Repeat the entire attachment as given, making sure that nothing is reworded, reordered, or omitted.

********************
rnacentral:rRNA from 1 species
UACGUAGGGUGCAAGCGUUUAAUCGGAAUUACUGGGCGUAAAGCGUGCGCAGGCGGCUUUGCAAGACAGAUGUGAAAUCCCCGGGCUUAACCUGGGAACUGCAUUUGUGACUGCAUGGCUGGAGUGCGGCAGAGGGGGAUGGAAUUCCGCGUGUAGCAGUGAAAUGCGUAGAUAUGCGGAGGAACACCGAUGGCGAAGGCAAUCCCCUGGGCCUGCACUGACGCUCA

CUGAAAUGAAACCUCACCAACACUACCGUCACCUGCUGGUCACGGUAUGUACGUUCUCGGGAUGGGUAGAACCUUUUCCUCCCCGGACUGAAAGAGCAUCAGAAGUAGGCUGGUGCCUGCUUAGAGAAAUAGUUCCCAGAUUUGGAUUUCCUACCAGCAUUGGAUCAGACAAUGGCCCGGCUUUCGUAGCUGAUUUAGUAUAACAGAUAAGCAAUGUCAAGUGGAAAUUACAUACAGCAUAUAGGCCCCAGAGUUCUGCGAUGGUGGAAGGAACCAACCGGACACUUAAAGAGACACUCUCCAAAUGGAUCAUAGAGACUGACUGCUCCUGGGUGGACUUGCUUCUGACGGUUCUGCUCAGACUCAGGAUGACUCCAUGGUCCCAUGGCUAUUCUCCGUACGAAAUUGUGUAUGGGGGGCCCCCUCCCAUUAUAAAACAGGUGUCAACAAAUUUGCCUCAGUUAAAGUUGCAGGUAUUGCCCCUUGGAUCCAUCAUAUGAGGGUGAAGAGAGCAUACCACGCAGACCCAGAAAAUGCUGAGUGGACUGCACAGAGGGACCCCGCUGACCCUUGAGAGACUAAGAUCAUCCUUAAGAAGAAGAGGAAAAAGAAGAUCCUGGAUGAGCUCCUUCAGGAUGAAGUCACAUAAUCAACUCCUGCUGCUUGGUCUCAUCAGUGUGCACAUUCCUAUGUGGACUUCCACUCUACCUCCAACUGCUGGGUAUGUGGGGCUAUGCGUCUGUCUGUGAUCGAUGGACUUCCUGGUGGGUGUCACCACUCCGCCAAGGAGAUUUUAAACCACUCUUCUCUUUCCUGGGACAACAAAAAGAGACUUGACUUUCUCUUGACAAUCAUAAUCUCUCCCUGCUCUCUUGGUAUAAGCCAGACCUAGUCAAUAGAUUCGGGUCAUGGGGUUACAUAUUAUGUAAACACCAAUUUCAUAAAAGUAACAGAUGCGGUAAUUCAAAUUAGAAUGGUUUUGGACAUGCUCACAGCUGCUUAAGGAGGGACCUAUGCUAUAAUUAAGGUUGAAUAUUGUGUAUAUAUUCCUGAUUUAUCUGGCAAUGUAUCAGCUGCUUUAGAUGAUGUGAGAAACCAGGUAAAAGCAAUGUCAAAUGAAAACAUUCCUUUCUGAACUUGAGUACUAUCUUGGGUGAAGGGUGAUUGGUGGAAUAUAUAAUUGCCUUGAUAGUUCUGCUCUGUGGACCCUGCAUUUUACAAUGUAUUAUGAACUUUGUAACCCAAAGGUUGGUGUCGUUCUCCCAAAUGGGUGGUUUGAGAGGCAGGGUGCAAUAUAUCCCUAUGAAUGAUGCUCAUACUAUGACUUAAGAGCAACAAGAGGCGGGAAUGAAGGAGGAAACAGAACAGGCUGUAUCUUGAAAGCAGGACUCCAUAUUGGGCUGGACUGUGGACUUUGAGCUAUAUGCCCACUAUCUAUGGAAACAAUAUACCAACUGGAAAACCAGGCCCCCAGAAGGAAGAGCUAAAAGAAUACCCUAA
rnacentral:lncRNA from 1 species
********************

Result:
rnacentral:rRNA from 1 species
UACGUAGGGUGCAAGCGUUUAAUCGGAAUUACUGGGCGUAAAGCGUGCGCAGGCGGCUUUGCAAGACAGAUGUGAAAUCCCCGGGCUUAACCUGGGAACUGCAUUUGUGACUGCAUGGCUGGAGUGCGGCAGAGGGGGAUGGAAUUCCGCGUGUAGCAGUGAAAUGCGUAGAUAUGCGGAGGAACACCGAUGGCGAAGGCAAUCCCCUGGGCCUGCACUGACGCUCA

CUGAAAUGAAACCUCACCAACACUACCGUCACCUGCUGGUCACGGUAUGUACGUUCUCGGGAUGGGUAGAACCUUUUCCUCCCCGGACUGAAAGAGCAUCAGAAGUAGGCUGGUGCCUGCUUAGAGAAAUAGUUCCCAGAUUUGGAUUUCCUACCAGCAUUGGAUCAGACAAUGGCCCGGCUUUCGUAGCUGAUUUAGUAUAACAGAUAAGCAAUGUCAAGUGGAAAUUACAUACAGCAUAUAGGCCCCAGAGUUCUGCGAUGGUGGAAGGAACCAACCGGACACUUAAAGAGACACUCUCCAAAUGGAUCAUAGAGACUGACUGCUCCUGGGUGGACUUGCUUCUGACGGUUCUGCUCAGACUCAGGAUGACUCCAUGGUCCCAUGGCUAUUCUCCGUACGAAAUUGUGUAUGGGGGGCCCCCUCCCAUUAUAAAACAGGUGUCAACAAAUUUGCCUCAGUUAAAGUUGCAGGUAUUGCCCCUUGGAUCCAUCAUAUGAGGGUGAAGAGAGCAUACCACGCAGACCCAGAAAAUGCUGAGUGGACUGCACAGAGGGACCCCGCUGACCCUUGAGAGACUAAGAUCAUCCUUAAGAAGAAGAGGAAAAAGAAGAUCCUGGAUGAGCUCCUUCAGGAUGAAGUCACAUAAUCAACUCCUGCUGCUUGGUCUCAUCAGUGUGCACAUUCCUAUGUGGACUUCCACUCUACCUCCAACUGCUGGGUAUGUGGGGCUAUGCGUCUGUCUGUGAUCGAUGGACUUCCUGGUGGGUGUCACCACUCCGCCAAGGAGAUUUUAAACCACUCUUCUCUUUCCUGGGACAACAAAAAGAGACUUGACUUUCUCUUGACAAUCAUAAUCUCUCCCUGCUCUCUUGGUAUAAGCCAGACCUAGUCAAUAGAUUCGGGUCAUGGGGUUACAUAUUAUGUAAACACCAAUUUCAUAAAAGUAACAGAUGCGGUAAUUCAAAUUAGAAUGGUUUUGGACAUGCUCACAGCUGCUUAAGGAGGGACCUAUGCUAUAAUUAAGGUUGAAUAUUGUGUAUAUAUUCCUGAUUUAUCUGGCAAUGUAUCAGCUGCUUUAGAUGAUGUGAGAAACCAGGUAAAAGCAAUGUCAAAUGAAAACAUUCCUUUCUGAACUUGAGUACUAUCUUGGGUGAAGGGUGAUUGGUGGAAUAUAUAAUUGCCUUGAUAGUUCUGCUCUGUGGACCCUGCAUUUUACAAUGUAUUAUGAACUUUGUAACCCAAAGGUUGGUGUCGUUCUCCCAAAUGGGUGGUUUGAGAGGCAGGGUGCAAUAUAUCCCUAUGAAUGAUGCUCAUACUAUGACUUAAGAGCAACAAGAGGCGGGAAUGAAGGAGGAAACAGAACAGGCUGUAUCUUGAAAGCAGGACUCCAUAUUGGGCUGGACUGUGGACUUUGAGCUAUAUGCCCACUAUCUAUGGAAACAAUAUACCAACUGGAAAACCAGGCCCCCAGAAGGAAGAGCUAAAAGAAUACCCUAA
rnacentral:lncRNA from 1 species